The three victims who were killed on Sunday morning were identified on Monday
Three people were killed in a small plane crash in western Massachusetts Sunday morning, per a Massachusetts State Police (MSP) news release.
“A twin-engine Beechcraft Baron 55 crashed in Leyden, Massachusetts, around 12:30 p.m. local time on Sunday,” the Federal Aviation Administration (FAA) shared with PEOPLE.
The victims were identified Monday as William Hampton, 68, Frederika Ballard, 53, and Chad Davidson, 29, state police said. Ballard was the Fly Lugu Flight School owner, Hampton was an instructor and Davidson was a student pilot.
Hampton, Ballard and Davidson were the only people on the flight school's plane and were “determined to be deceased by Greenfield Firefighters and American Medical Response paramedics,” per the MSP news release. The three victims were then transported to the Office of the Chief Medical Examiner.
The crash occurred two hours west of Boston, near the Massachusetts-Vermont border. The MSP reports that “authorities began searching for the crash site at approximately 11:30 AM.” The search began after “Greenfield Police/Fire Dispatch received 911 calls from dog walkers in Leyden and Greenfield reporting a plane that appeared about to crash.”
Upon arrival at the crash site, the MSP Crime Scene Services processed and documented the crash site. An investigation into the crash has begun, with the MSP, Greenfield Police, Northwest District Attorney’s Office, Federal Aviation Administration and the National Transportation Safety Board working together.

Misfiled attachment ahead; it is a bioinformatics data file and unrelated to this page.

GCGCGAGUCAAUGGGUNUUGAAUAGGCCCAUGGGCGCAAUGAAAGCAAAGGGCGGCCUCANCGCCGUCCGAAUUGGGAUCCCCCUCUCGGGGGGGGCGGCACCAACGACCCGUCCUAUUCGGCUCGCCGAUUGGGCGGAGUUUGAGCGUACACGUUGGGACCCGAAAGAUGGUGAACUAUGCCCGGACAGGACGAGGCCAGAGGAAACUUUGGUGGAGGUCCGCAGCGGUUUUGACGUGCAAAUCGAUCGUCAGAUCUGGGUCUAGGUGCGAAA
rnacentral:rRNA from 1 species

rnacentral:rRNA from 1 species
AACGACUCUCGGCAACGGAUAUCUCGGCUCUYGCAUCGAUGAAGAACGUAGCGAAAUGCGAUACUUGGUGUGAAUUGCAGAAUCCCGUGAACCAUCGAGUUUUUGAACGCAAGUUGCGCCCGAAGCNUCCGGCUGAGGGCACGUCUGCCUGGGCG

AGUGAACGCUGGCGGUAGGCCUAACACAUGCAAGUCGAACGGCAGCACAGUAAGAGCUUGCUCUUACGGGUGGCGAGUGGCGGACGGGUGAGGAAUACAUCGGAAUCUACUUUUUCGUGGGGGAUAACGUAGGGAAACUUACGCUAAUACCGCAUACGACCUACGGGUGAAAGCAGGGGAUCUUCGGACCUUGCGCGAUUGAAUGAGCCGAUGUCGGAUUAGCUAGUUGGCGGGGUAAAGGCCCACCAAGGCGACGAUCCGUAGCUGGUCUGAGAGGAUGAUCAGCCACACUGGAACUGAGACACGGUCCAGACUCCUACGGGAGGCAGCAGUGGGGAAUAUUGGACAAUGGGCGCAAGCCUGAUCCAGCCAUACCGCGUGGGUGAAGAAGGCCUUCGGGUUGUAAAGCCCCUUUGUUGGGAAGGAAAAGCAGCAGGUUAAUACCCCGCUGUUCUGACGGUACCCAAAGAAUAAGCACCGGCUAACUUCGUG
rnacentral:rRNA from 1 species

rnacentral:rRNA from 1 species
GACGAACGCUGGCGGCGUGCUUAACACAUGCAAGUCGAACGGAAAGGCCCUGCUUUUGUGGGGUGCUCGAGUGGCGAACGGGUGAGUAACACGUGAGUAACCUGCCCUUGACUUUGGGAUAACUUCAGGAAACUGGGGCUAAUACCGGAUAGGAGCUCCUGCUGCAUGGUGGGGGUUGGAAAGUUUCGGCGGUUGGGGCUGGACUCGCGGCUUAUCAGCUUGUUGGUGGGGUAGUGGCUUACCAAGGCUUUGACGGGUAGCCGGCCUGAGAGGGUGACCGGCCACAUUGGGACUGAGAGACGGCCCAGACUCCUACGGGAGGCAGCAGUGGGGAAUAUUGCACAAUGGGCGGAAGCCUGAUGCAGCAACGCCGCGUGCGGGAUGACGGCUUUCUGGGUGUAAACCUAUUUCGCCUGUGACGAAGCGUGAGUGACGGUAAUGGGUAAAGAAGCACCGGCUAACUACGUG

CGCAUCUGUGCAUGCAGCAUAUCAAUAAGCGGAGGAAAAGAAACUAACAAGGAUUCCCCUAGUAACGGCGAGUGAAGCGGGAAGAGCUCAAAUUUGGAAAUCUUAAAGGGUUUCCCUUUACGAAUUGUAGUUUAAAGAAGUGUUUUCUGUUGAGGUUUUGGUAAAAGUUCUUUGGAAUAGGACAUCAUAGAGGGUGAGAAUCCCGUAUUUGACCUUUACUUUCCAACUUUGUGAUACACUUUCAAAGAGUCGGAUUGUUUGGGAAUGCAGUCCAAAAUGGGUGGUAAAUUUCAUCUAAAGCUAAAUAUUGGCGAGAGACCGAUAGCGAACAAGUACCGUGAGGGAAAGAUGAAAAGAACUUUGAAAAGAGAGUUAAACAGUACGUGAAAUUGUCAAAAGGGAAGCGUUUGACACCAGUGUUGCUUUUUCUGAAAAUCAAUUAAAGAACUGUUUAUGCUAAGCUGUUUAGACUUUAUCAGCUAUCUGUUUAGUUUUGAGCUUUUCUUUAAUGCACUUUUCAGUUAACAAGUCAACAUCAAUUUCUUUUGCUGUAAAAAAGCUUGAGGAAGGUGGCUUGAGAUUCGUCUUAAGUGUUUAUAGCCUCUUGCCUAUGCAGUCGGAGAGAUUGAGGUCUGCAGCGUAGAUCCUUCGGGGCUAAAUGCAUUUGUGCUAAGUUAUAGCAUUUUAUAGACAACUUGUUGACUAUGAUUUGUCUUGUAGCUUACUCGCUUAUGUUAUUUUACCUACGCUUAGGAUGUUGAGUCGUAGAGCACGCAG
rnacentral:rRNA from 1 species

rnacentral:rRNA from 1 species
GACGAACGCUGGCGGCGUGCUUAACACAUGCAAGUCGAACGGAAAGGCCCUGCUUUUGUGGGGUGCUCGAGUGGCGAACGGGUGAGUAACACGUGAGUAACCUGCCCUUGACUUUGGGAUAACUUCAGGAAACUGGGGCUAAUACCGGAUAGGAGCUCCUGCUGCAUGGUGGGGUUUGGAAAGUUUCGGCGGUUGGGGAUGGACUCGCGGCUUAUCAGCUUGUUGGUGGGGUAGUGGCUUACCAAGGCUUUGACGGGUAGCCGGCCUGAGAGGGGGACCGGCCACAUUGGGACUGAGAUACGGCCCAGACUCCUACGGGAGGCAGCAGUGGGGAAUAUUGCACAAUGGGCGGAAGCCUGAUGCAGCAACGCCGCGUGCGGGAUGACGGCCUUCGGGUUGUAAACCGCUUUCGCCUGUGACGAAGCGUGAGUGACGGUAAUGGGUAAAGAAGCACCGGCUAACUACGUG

On Sunday, state troopers remained at the site to provide overnight security.
"The investigator will begin the process of documenting the scene and examining the aircraft. The aircraft will then be recovered to a secure facility for further evaluation," NTSB spokesperson Sarah Taylor Sulick told CBS affiliate WBZ-TV. "A preliminary report will be available within 30 days."
An NTSB investigator is set to examine the pilot, the aircraft and the operating environment. Additionally, the investigation will gather intel regarding the flight track data, air traffic control communications, aircraft maintenance, weather forecasts, weather and lighting conditions, witness statements, electronic devices and surveillance video, as well as the pilot's license, ratings, recent flight experience and a 72-hour background, reports NBC 10.
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Representatives for the Massachusetts State Police, Greenfield Police, Northwest District Attorney’s Office, and the National Transportation Safety Board did not immediately respond to PEOPLE's request for additional information on Monday.
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